For political parties, which have been in power for many years and suddenly fall from the grace, might mean the persistent dictatorial tendencies in the party. 

A political party like the United National Independence Party which ruled Zambia from Independence in 1964 until 1991 could befit this category.  

After twenty-seven in power, the party failed to evolve and adapt to the changing political kaleidoscope in terms of social, economic and technological situations. 

In the Namibian political setup, the writing could be on the wall after the ruling party has been riddled with corruption and scandals on a regular basis. Scandals involving party members or leaders engaging in unethical or illegal activities can have long-lasting negative effects on the party's reputation. 

Politicians might for now console themselves with the massive support across the country and maintain what Mazrui says in his documentary, ‘The Africans: A Triple Heritage’, when he referred to the frangibility of Kenyan nationhood by Mzee Kenyatta, that “the nation shall never die”, by echoing similar sentiments that “the ruling party is eternal.”  

Another important aspect which might lead to the demise of political parties is the disconnection from the electorate. This is common in the Namibian political panorama, in which politicians campaign tirelessly during elections only to disappear after being voted into power.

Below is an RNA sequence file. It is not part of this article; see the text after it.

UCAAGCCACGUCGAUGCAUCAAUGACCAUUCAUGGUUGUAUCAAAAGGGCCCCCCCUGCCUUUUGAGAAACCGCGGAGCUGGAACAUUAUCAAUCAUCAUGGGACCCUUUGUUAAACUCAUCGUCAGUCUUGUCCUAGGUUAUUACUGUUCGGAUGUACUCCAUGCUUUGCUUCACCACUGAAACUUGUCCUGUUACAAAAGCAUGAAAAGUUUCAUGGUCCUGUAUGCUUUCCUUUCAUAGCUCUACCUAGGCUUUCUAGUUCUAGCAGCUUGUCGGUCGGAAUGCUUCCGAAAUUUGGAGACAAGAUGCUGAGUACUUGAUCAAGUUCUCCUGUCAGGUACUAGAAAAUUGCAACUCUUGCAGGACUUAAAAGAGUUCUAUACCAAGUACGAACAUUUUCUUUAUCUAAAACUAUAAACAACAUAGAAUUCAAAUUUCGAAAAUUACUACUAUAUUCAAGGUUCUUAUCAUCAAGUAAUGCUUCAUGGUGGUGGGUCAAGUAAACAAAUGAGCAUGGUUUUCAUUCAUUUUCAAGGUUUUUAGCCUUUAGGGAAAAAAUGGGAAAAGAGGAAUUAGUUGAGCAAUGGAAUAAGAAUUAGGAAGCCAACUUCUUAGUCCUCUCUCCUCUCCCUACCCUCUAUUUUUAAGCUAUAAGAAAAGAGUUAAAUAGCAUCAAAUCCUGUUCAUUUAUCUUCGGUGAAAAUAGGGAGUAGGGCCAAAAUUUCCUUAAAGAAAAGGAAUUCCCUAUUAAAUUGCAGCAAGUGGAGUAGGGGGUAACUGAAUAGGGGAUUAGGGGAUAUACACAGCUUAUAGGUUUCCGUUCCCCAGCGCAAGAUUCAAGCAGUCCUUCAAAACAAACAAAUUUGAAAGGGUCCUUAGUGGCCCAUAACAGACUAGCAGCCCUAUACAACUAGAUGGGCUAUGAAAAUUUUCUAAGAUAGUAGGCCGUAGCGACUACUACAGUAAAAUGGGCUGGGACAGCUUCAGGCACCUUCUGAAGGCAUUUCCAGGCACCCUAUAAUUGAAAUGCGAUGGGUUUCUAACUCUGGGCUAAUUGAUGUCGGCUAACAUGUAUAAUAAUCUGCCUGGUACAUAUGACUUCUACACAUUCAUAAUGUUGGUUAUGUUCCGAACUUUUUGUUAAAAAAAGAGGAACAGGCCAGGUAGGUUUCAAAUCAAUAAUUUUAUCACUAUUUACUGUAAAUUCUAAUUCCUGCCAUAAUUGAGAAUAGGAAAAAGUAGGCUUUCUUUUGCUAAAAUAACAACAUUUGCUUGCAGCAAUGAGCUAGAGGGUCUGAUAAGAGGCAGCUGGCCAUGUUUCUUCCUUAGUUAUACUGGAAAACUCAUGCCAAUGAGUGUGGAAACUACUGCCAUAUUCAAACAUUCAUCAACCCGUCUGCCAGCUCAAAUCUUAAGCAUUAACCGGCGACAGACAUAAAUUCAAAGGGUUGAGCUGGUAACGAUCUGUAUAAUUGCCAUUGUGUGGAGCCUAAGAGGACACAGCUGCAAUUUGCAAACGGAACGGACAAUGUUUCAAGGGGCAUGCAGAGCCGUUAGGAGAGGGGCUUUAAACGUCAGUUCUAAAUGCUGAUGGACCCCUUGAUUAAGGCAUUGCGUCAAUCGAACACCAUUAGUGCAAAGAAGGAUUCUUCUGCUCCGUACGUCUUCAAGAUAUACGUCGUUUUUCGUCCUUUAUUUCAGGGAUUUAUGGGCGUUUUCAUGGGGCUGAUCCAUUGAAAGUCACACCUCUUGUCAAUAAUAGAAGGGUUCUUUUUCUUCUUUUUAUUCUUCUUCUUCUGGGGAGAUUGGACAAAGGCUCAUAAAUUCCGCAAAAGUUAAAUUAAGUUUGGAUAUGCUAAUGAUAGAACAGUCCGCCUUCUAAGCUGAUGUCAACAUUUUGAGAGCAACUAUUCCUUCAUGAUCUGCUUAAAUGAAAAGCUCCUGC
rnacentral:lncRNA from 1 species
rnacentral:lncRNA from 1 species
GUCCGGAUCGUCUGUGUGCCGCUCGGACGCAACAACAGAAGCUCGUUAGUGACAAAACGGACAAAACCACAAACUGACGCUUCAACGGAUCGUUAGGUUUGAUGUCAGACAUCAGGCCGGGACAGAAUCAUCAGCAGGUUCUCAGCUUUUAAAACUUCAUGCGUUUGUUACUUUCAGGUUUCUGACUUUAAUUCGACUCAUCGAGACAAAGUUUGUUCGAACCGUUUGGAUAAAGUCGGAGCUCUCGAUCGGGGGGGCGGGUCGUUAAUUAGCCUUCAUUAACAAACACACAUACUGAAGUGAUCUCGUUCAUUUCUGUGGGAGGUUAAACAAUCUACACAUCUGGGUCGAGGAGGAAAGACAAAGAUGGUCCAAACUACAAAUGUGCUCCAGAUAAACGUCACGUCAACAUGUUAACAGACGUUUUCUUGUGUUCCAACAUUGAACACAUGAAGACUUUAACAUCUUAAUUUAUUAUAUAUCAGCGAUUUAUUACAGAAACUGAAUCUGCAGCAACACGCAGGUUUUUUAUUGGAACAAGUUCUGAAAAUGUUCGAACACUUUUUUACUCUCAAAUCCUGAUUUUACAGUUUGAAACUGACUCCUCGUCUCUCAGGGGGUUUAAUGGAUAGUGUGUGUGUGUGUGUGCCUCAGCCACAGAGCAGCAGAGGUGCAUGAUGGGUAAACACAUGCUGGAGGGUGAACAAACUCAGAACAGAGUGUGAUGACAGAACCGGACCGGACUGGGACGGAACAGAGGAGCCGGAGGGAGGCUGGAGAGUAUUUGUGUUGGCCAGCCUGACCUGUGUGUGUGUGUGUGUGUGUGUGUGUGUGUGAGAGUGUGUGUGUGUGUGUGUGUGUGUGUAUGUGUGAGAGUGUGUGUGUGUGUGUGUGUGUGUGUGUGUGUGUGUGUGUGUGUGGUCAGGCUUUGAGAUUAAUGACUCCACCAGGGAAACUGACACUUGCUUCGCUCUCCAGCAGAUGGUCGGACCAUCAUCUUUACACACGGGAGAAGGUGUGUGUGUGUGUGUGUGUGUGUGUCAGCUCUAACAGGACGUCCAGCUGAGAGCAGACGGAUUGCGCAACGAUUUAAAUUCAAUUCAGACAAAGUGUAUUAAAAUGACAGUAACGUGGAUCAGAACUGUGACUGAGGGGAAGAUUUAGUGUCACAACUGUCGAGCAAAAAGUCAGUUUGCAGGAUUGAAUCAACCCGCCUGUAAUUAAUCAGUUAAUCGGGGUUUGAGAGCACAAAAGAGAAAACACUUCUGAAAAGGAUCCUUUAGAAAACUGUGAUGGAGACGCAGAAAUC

Of course, in the land of the blind, one-eyed person is king, but even the blind voters usually realize after the elections that things went wrong, as promised services never come by. 

Political parties that are perceived as disconnected or elitist may struggle to resonate with the broader population. Understanding and addressing the concerns of diverse constituencies is vital for maintaining electoral relevance. Political parties that ignore or downplay pressing societal issues risk losing support. 

Failing to address economic inequalities, social injustices, or environmental concerns can alienate large segments of the electorate. The demise of political parties is not the result of internal infighting only, but external forces could also impact on their disintegration. 

For example, biased or sensationalised media coverage can shape public perceptions and impact a party's image. Unfavourable media narratives can contribute to the decline of a political party. 

In Namibia, the tendency of the media downplaying the coverage of some parties during elections by allocating less slots can lead to the unpopularity of some parties and finally their demise. Political parties are complex entities influenced by a combination of internal and external factors. 

When these factors converge negatively, they can contribute to the failure or decline of a political party. In conclusion, successful parties must navigate these challenges effectively to remain relevant and responsive to the needs of their constituents. 


* Professor Makala Lilemba is an academician, author, diplomat, motivational leader, researcher and scholar.

2024-02-23  Prof Makala Lilemba